Washington state health exchange shuts down

SEATTLE (AP) — Washington’s health care exchange shut down after the first few hours of open enrollment Saturday as state officials and software engineers tried to resolve a problem with tax credit calculations.

Officials at the exchange said Washington Healthplanfinder appeared to be working fine at first. When the exchange’s automatic quality control system reported the problem, they decided to shut the whole system down at about 10:30 a.m. to fix it.

The tax credits were off by just a few dollars in some cases, exchange CEO Richard Onizuka said. He said the system would remain down until it can give consumers who want to buy health insurance accurate information.

Spokeswoman Bethany Frey suggested consumers try again on another day.

Open enrollment for health care insurance continues through Feb. 15, and officials are hoping as many as 85,000 people sign up. They also hope all of the about 145,000 people who bought insurance during the first open enrollment period, which began Oct. 1, 2013, will renew for another year.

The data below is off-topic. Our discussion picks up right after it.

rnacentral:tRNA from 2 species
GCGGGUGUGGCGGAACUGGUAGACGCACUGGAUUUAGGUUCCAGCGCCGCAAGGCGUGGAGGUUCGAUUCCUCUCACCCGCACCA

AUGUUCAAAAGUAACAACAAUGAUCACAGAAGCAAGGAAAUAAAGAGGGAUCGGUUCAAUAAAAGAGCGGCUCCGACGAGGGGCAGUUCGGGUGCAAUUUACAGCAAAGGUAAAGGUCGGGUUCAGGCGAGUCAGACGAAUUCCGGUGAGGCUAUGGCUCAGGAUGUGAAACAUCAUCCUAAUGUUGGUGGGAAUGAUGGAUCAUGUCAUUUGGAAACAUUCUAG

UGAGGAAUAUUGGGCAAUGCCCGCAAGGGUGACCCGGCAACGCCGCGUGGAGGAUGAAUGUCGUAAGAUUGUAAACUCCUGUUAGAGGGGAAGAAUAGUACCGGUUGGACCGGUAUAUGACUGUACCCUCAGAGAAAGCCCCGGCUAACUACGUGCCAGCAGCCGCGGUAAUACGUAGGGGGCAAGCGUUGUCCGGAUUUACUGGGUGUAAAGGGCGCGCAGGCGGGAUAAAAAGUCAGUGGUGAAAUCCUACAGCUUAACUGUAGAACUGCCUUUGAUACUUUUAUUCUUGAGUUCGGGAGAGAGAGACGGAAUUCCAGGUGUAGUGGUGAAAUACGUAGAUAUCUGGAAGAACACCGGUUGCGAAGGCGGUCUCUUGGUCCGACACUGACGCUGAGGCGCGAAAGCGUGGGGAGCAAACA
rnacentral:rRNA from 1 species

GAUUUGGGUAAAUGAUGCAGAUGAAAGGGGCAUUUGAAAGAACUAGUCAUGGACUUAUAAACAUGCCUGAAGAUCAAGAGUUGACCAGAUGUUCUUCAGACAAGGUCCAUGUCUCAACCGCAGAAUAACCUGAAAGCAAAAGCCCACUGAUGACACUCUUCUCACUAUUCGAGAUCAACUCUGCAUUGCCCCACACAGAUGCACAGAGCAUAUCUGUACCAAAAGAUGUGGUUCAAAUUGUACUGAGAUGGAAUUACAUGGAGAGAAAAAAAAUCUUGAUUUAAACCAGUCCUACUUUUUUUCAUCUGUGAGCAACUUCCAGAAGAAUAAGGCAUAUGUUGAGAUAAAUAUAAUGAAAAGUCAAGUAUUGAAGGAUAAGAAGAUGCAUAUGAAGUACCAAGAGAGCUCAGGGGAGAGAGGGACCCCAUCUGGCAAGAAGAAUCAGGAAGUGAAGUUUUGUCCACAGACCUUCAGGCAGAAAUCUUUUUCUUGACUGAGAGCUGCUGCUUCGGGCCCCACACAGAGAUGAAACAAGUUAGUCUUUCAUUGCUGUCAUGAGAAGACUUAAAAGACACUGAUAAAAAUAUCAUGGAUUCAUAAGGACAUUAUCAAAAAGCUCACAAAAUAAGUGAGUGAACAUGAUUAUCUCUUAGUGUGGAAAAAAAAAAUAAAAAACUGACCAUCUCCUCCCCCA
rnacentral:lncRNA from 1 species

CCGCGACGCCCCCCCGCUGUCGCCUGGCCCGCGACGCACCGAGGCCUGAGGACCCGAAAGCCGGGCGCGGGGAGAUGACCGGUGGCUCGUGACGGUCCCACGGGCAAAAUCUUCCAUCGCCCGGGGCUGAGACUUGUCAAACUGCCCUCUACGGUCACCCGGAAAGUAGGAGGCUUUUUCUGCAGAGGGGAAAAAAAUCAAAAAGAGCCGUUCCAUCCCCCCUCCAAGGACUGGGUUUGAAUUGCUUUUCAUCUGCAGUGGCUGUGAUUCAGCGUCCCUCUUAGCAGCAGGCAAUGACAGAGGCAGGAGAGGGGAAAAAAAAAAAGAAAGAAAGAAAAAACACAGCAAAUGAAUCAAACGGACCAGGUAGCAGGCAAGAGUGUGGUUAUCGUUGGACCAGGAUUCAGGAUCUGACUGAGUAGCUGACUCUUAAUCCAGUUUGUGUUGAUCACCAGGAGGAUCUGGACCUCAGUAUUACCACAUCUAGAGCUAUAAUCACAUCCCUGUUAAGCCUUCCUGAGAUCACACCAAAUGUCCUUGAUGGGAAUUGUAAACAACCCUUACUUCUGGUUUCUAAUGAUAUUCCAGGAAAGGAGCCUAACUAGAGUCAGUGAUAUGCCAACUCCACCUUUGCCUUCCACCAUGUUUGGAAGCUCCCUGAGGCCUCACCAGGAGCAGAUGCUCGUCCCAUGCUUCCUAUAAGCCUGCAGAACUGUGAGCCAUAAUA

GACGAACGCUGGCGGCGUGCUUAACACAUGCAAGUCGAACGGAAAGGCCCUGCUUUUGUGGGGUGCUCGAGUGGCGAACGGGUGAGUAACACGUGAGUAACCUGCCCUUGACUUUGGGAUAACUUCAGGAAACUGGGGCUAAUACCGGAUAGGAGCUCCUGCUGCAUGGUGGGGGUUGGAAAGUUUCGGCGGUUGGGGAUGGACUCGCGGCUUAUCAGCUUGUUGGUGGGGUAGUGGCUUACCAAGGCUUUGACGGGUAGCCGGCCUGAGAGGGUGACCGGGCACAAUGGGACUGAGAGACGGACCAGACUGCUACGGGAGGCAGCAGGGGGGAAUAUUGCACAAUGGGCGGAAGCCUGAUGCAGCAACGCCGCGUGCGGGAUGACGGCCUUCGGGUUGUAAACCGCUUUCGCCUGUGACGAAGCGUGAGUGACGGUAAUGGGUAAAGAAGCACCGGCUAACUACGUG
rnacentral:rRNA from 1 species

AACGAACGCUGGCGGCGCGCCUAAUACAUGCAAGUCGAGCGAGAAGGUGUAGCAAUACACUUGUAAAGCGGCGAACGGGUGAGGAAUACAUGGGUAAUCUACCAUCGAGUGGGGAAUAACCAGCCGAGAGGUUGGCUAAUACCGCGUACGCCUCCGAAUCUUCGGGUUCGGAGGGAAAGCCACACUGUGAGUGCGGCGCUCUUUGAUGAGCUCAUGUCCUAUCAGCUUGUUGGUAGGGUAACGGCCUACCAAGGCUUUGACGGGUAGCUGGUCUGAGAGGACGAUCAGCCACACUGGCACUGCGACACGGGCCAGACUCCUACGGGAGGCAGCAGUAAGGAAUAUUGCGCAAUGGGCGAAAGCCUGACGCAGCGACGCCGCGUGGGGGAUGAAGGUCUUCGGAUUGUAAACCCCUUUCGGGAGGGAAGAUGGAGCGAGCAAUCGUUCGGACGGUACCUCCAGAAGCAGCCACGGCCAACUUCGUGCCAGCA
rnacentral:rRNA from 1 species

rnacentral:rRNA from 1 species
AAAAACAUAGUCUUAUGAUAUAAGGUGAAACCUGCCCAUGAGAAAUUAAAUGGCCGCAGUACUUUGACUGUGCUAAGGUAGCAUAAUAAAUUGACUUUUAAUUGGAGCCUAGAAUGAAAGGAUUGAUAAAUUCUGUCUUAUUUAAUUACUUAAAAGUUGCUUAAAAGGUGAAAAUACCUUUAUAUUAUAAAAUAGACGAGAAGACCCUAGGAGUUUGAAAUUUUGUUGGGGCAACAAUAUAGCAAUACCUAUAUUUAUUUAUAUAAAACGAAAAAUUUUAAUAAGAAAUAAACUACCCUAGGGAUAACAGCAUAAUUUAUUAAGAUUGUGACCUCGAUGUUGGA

Those who run the exchange had been hoping their computer system would handle traffic better than it did last year, when it shutting down and rejected applications for reasons like a hyphen in a last name. About a thousand people who bought insurance the first time around are still having problems getting their payments credited and that money transferred to their insurance companies.

People who do not buy insurance will have to pay a fine when they file their income taxes. Those fines start at $95 or 1 percent of 2014 household income, but the minimum fine in 2015 will be $325 per uninsured person or 2 percent of household income.

Consumers will find more choices this time around, with more insurance plans and more companies on the state’s exchange. Rates have gone up slightly overall but some people will find cheaper insurance.

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